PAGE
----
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3 Simple, Regular Practices That Will Help You Come Up With New Ideas

Cross pollination

In a business or creative setting, a monoculture has its own risks, as we habitually turn to the same sources, people and habits for new ideas. Over time, these ideas can take on a similar, predictable taste. 

You can build a cross pollination habit through simple, regular practices.

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3 Simple, Regular Practices That Will Help You Come Up With New Ideas

3 Simple, Regular Practices That Will Help You Come Up With New Ideas

https://www.success.com/3-practices-to-come-up-with-new-ideas/

success.com

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Key Ideas

Cross pollination

In a business or creative setting, a monoculture has its own risks, as we habitually turn to the same sources, people and habits for new ideas. Over time, these ideas can take on a similar, predictable taste. 

You can build a cross pollination habit through simple, regular practices.

Make a date with yourself

Go on a weekly "artist date", where you feed your inspiration by looking at something artistically nourishing and stimulating.

For example, If you are a writer, you might go for a walk in an arboretum on Monday mornings.

Read about creative lives

Biographies and how-to guides from other fields can be wonderful sources of inspiration.

What might you gain from reading about and emulating the morning routine of a favorite athlete?

Get in touch with your “beginner’s mind”

In disciplines with which we are familiar, we tend to approach our projects with a sense of our approach already established.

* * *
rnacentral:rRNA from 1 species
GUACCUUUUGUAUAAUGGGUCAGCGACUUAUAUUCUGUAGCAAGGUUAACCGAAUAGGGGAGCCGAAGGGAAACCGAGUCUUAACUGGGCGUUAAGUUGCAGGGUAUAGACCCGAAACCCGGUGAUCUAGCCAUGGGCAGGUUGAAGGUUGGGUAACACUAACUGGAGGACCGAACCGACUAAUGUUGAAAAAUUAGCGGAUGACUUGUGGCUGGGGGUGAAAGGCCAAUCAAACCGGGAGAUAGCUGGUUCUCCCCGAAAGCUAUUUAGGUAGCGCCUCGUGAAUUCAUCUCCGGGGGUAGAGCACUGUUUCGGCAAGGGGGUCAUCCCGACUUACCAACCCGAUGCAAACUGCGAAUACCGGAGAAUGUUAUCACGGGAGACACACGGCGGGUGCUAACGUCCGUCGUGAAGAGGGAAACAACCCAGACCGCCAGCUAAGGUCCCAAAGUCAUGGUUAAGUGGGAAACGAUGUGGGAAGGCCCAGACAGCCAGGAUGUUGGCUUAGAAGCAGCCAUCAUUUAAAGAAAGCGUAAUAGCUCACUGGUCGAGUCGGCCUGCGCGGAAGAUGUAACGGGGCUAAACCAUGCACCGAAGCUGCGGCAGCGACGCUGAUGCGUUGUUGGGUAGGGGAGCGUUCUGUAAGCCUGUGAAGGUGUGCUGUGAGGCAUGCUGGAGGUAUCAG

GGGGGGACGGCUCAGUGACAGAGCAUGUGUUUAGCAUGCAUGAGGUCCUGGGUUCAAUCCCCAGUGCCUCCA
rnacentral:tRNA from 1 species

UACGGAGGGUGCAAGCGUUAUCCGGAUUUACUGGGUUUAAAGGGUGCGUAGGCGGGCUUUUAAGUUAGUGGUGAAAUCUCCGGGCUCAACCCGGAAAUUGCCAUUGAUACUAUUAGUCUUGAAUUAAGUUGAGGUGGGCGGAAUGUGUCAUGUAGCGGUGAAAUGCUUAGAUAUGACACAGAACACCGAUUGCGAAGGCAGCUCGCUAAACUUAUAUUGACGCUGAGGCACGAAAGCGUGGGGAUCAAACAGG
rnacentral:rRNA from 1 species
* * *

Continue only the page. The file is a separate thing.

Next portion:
Explore novel experiences that require close attention and intensely focused thought.

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Instead, try identifying and focusing on the few hours of the day you are most productive.

Setting Big Goals

To achieve sustainable productivity habits, it’s best to build up with easily achievable tasks.

Small chunks of accomplishment will amount to something big eventually.

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Geniuses know “how” to think, instead of “what” to think.

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Consider what you consume

Idea generation is fueled by consumption, not creativity.

Creativity is just connecting things. The more things we have to connect, the better our ideas will become.

Consider the...

Output

To get the most value out of what you consume, it helps to have a mode of output: Talk about it, write about it or condense it into a tweet.

Expand your viewpoint

To improve your idea generation, zoom out your perspective to a macro level. 

For example, on a micro-level, a Billy Joel concert may just be a fun way to spend a night. On a macro level, it is packed with ideas about how to connect with an audience.

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The right side of the brain

Creativity isn’t the preserve of one side of the brain, and it isn’t a talent confined to people with a special kind of brain. If you’re human and you’ve got a brain, you’re capabl...